The only problem is you are doing this backwards. Evidence doesnít work this way; it starts from the beginning not the end. Let me explain.

      You say Reg stated in 1970 or thereabouts that his father was paid the sum of approximately five pounds. You then say that an obscure article unlikely to have been seen by Reg has recently come to light stating that a person believed to be George Hutchinson was paid a similar sum Ė by all means letís say itís the same sum £5.

      You then say this proof of Regís claims as he us most unlikely to have seen the article in the paper, but you are doing it backwards. You are assuming the article was based on information only just revealed.

      However if you look at the evidence in the correct manner then all becomes clear.

      After GH has made is statement certain wild rumours circulate through the East End, one of these is that GH has been paid £5 etc. Most papers disregard this as a rumour, or because the British papers can check with the police to ascertain the facts. However the story gets some credibility in America where it is published in some back street red top, The Wheeler Register.

      Meanwhile the forbears of Reg use the rumour as an addition to the story and it is passed down to Reg. There you have it, nothing complicated, Reg and the paper are now repeating the same fictitious story.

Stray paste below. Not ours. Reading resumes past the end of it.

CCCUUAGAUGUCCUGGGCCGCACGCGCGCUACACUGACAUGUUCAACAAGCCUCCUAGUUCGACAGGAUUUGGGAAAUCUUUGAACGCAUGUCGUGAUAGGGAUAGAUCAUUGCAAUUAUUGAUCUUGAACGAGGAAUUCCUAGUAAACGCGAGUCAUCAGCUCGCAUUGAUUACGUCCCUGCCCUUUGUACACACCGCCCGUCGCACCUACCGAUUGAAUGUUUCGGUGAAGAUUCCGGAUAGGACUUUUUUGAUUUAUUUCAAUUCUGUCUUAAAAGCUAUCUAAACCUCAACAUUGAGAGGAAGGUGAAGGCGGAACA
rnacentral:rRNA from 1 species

Itís like a lot of urban legends. On the surface you have several sources telling the same stories and this is often used as proof that the story is true, however when you check back you find they all have the same source, but that doesnít make it true.

      For a perfect example of how this works look at the Angels of Mons stories.

      Comment


      • #4
        Hello Bob,
        I accept your points, however one thing you cannot deny is that Reg Hutchinson is the son of a Gwt Hutchinson born 1/10/1866 this is proven by certificates.
        What I believe you are suggesting is Gwt knowing that he has the same surname as a witness in the Ripper case decides to cash in on this by putting himself forward to anyone who would listen stating that he knew one of the victims, he remembers also that the real GH was rumoured to have been paid for his assistant so adds that into his fictitious account to give more credence.
        To be honest Bob, I find it much easier to take the more obvious route.
        Regards Richard.

        Comment


        • #5
          The obvious route?

          But you are not taking the obvious route. The obvious route is that someone with a similar name to a player in a drama, decided to spice up his rather mundane life my claiming the mantle of a major player.